City restores candidate residency rule to one year

6-month term was created to entice Mfume to run

June 02, 1999|By Gerard Shields | Gerard Shields,SUN STAFF

The Baltimore City Council unanimously voted last night to restore the one-year residency requirement for mayoral candidates, reversing a state law approved in April by Gov. Parris N. Glendening that trimmed the term to six months.

Mayor Kurt L. Schmoke said last week that he would sign the measure. The state law, introduced by some Baltimore legislators, was intended to entice Kweisi Mfume, president of the National Association for the Advancement of Colored People, to run for mayor. Mfume announced last week that he would not be a candidate.

West Baltimore Councilman Keiffer J. Mitchell Jr., who supported Mfume's candidacy but opposed changing the residency law, welcomed last night's council vote as keeping the city charter intact. Mitchell called the General Assembly's change in the city law a slap to the council.

"This shows some backbone and shows our strength," Mitchell said. "We want to make sure that the next mayor of Baltimore knows all the ins and outs of our city and its people."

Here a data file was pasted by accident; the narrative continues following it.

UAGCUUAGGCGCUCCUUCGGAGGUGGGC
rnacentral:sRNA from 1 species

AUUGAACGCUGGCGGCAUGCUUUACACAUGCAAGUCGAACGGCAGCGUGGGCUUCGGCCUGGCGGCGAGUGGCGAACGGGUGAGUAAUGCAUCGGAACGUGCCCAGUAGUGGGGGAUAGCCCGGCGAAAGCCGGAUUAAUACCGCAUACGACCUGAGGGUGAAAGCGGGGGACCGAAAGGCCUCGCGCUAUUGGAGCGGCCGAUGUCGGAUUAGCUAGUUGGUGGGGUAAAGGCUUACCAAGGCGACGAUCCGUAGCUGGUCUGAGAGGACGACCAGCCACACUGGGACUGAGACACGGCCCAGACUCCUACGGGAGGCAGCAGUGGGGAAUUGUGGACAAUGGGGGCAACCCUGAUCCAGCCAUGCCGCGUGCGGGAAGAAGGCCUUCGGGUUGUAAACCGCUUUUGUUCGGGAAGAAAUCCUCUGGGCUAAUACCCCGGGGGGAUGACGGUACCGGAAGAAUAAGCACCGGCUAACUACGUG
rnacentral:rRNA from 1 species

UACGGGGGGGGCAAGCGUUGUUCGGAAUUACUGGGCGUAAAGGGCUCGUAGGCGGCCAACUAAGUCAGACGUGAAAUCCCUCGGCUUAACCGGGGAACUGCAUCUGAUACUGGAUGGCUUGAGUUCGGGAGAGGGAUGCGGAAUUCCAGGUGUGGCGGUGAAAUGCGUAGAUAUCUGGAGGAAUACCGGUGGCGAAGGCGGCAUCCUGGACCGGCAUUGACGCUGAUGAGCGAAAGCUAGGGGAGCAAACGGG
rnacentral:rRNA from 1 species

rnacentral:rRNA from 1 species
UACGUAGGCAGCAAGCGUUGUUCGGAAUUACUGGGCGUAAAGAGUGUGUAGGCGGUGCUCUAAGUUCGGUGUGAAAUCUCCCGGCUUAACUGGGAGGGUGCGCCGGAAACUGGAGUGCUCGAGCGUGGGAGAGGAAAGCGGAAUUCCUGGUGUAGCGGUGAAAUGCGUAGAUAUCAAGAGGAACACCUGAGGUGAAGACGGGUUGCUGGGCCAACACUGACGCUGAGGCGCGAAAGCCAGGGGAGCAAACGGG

The residency change caused a groundswell of opposition from residents who felt it unfair to change the law for one candidate. But until Mfume decided not to run, opponents appeared to lack the 10 council votes needed to overturn the measure.

Schmoke has said that any change should be approved by city voters.

Northeast Baltimore Councilman Robert W. Curran, who also opposed the bill, said the vote should not be viewed as antagonistic to the state legislature.

In other action, Southeast Baltimore Councilman Nicholas C. D'Adamo Jr. introduced a bill that he hopes will recruit police officers to Baltimore. Later this summer, the Police Department expects as many as 250 officers to retire when an incentive program expires.

Under the bill introduced by D'Adamo last night, the city would allow officers from surrounding communities to come into the force with up to five years of experience and receive similar pay.Currently, officers coming into the city -- regardless of experience -- are forced to start with rookie pay at $27,312. Under the new plan, officers with five years of experience could join the force earning $38,489.

Gary McLhinney, president of the city's Fraternal Order of Police union, said last night that the measure would help attract officers.

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